Help Me Help You: Why Congress's Attempt to Cover Torts Committed by Indian Tribal Contractors with the FTCA Hurts the Government and the Tribes

Joseph W Gross
2012 Social Science Research Network  
Since the Nixon Administration, the U.S. government has attempted to promote tribal self-determination among Native Americans. Under the Indian Self-Determination Act, the tribes can enter into agreements with the federal government to take over services previously provided to the tribes by the Bureau of Indian Affairs (BIA). By entering into these contracts, the tribes have been able to administer a wide variety of services, including construction and law enforcement, which bring income and
more » ... bring income and employment to Indian country. These contracts do not always run smoothly, however, and sometimes people get injured. Under a series of amendments to the Indian Self-Determination Act, when tribal contractors commit torts, the federal government steps in and defends the tribal contractors under the Federal Tort Claims Act (FTCA) as if they were employees of the government. The government pays out any settlements or judgments from the Judgment Fund. This scenario is a complete departure from the traditional FTCA rule whereby contractors are only treated as government employees in exceedingly limited circumstances. In hastily extending the FTCA to cover tribal contractors, Congress contravened FTCA jurisprudence in theory and in practice. Congress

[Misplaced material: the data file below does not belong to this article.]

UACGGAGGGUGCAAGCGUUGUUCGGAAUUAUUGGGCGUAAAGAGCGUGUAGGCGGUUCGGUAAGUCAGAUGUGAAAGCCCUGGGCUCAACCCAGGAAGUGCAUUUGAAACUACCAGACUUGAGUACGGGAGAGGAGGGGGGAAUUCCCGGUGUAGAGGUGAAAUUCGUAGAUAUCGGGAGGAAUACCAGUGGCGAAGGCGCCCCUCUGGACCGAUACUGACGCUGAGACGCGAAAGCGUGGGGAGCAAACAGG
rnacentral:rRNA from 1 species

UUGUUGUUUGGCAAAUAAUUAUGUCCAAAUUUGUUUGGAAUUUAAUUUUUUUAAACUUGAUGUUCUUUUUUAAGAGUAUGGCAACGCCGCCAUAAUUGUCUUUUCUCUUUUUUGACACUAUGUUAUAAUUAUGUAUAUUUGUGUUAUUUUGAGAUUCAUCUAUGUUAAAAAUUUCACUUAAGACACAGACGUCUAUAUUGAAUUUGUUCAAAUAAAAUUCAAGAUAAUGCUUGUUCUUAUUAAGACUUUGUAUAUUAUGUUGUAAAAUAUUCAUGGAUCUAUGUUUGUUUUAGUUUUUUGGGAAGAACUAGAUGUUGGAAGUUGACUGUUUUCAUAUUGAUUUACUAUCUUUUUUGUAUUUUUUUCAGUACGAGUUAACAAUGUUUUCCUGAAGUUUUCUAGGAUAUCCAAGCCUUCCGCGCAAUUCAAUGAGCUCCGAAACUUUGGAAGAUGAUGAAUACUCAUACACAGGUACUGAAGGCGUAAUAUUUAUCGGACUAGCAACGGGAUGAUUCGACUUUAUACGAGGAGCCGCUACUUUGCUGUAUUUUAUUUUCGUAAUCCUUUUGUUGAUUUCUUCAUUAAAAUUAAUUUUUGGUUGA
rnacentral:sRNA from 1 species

doi:10.2139/ssrn.2286298 fatcat:fmycsshs2jdwrey4tqjwl7eqdq